On the Matter of Robot Minds

Oxford Studies in Experimental Philosophy (forthcoming)
  Copy   BIBTEX


The view that phenomenally conscious robots are on the horizon often rests on a certain philosophical view about consciousness, one we call “nomological behaviorism.” The view entails that, as a matter of nomological necessity, if a robot had exactly the same patterns of dispositions to peripheral behavior as a phenomenally conscious being, then the robot would be phenomenally conscious; indeed it would have all and only the states of phenomenal consciousness that the phenomenally conscious being in question has. We experimentally investigate whether the folk think that certain (hypothetical) robots made of silicon and steel would have the same conscious states as certain familiar biological beings with the same patterns of dispositions to peripheral behavior as the robots. Our findings provide evidence that the folk largely reject the view that silicon-based robots would have the sensations that they, the folk, attribute to the biological beings in question.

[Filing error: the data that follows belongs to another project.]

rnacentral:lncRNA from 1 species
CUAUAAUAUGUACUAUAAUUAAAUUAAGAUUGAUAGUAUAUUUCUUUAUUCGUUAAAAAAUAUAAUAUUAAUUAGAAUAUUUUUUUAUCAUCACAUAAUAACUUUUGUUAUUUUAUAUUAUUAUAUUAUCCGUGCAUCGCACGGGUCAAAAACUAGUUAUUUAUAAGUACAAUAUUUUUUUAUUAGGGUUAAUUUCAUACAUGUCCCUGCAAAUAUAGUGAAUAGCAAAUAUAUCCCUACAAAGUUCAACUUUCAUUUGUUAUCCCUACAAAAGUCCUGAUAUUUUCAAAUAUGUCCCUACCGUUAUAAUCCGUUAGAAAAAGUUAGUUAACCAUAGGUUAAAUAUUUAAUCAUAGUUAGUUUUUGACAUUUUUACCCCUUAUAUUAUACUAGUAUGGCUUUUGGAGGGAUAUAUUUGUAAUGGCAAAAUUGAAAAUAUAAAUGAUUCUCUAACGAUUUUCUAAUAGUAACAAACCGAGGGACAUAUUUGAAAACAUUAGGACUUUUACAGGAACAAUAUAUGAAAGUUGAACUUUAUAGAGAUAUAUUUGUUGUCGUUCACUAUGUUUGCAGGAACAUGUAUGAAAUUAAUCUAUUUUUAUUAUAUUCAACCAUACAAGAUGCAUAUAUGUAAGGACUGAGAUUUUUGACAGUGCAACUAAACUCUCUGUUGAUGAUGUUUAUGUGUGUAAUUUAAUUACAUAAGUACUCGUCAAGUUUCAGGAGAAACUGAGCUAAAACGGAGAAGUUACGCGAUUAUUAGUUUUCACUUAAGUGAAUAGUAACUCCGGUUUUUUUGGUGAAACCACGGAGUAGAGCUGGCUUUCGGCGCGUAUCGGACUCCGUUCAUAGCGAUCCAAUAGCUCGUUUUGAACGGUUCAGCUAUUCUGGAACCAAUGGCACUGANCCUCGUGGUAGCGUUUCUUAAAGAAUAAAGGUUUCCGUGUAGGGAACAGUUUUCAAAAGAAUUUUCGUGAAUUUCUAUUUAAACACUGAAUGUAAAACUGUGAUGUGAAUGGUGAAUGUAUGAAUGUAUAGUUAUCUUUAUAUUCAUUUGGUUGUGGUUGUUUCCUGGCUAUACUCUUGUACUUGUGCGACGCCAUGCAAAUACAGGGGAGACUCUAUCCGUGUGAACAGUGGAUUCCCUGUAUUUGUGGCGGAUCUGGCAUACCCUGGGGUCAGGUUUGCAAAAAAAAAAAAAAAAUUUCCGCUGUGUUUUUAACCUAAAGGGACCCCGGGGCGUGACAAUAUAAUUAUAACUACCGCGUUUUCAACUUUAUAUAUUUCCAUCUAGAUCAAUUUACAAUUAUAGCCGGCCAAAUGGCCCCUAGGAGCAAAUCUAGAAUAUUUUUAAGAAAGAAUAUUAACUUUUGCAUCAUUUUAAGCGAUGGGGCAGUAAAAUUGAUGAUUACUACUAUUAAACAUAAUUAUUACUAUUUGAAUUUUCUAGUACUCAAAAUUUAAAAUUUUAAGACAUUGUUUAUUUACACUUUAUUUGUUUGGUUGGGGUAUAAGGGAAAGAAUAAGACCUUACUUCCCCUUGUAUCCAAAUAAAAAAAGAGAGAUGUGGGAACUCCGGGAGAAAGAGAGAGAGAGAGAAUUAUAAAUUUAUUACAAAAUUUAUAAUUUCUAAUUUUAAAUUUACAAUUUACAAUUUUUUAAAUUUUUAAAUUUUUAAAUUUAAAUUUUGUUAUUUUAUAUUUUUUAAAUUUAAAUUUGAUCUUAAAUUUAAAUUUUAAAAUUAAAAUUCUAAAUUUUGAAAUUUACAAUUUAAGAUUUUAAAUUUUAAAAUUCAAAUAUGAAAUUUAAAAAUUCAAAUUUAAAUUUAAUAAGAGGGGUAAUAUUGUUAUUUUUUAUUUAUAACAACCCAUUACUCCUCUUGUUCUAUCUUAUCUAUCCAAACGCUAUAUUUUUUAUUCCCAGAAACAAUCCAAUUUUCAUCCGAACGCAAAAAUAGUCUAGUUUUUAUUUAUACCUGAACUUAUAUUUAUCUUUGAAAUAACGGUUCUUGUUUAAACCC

External links

  • This entry has no external links. Add one.
Setup an account with your affiliations in order to access resources via your University's proxy server

Through your library

Similar books and articles

Folk Psychology and Phenomenal Consciousness.Justin Sytsma - 2010 - Philosophy Compass 5 (8):700-711.
Addressing Higher-Order Misrepresentation with Quotational Thought.Vincent Picciuto - 2011 - Journal of Consciousness Studies 18 (3-4):109-136.
Robots with consciousness: Creating a third nature.Bernhard J. Mitterauer - 2013 - International Journal of Machine Consciousness 5 (2):179-193.
Reductive Representationalism and Emotional Phenomenology.Uriah Kriegel - 2017 - Midwest Studies in Philosophy 41 (1):41-59.
A study of self-awareness in robots.Toshiyuki Takiguchi, Atsushi Mizunaga & Junichi Takeno - 2013 - International Journal of Machine Consciousness 5 (2):145-164.
Making robots conscious of their mental states.John McCarthy - 1996 - In S. Muggleton (ed.), Machine Intelligence 15. Oxford University Press.
You, Robot.Brian Fiala, Adam Arico & Shaun Nichols - 2014 - In Edouard Machery (ed.), Current Controversies in Experimental Philosophy. Routledge. pp. 31-47.


Added to PP

803 (#10,229)

6 months
54 (#24,111)

Historical graph of downloads
How can I increase my downloads?